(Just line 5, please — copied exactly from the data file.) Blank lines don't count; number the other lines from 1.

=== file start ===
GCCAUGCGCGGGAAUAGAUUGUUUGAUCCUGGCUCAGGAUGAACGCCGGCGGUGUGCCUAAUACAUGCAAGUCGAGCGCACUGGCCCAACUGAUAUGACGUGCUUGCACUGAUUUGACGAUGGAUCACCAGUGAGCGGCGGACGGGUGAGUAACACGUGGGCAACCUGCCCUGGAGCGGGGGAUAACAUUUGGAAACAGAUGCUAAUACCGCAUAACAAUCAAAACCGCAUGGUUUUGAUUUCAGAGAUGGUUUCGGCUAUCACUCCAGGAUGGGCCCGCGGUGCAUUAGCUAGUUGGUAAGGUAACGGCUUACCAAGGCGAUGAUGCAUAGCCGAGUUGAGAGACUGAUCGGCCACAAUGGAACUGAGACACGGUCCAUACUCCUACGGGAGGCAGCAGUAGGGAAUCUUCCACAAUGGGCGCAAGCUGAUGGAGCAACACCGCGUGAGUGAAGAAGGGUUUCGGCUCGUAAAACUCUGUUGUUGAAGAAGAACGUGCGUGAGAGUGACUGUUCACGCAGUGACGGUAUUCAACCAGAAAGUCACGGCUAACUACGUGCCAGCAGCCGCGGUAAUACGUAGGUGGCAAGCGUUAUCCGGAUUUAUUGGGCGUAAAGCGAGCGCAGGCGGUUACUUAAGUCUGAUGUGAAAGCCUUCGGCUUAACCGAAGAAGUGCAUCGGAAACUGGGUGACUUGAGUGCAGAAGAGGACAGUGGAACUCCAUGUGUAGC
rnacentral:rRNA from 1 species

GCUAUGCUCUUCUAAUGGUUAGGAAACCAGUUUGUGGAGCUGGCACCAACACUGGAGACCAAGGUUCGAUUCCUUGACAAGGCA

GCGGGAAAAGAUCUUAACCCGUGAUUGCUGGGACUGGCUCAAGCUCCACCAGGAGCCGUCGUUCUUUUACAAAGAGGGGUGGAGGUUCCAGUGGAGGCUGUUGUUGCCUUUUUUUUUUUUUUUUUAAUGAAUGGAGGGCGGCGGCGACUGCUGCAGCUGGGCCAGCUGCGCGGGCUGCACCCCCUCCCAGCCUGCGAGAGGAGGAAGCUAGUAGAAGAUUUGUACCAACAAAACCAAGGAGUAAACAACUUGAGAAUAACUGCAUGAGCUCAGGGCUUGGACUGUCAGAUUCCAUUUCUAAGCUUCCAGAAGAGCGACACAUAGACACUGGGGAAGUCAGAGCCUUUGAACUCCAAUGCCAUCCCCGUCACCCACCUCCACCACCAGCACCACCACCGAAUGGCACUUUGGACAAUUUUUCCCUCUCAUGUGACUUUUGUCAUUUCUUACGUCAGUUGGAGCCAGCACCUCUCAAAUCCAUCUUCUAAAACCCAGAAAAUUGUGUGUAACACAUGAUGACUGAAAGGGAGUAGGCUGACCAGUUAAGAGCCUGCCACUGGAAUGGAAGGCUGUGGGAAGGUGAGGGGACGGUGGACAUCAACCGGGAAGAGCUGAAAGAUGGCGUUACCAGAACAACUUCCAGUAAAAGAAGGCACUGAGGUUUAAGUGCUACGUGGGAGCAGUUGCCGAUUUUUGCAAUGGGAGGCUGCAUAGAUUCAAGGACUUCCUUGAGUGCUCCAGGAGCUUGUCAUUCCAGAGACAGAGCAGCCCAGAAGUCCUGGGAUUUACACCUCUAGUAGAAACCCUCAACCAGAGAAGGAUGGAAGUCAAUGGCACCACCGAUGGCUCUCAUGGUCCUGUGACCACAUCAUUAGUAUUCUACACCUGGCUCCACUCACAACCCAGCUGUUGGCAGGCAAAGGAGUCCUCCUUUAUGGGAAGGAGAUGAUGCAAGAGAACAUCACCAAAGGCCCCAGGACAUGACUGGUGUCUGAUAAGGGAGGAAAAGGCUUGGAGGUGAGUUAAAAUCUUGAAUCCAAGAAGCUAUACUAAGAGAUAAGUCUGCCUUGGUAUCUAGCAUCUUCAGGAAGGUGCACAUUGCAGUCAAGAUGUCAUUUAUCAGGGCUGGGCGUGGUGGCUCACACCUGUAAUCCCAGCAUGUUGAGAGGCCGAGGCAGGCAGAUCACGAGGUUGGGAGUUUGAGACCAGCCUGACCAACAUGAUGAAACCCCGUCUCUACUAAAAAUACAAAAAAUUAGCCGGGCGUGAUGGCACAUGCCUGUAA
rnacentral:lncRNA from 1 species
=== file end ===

rnacentral:lncRNA from 1 species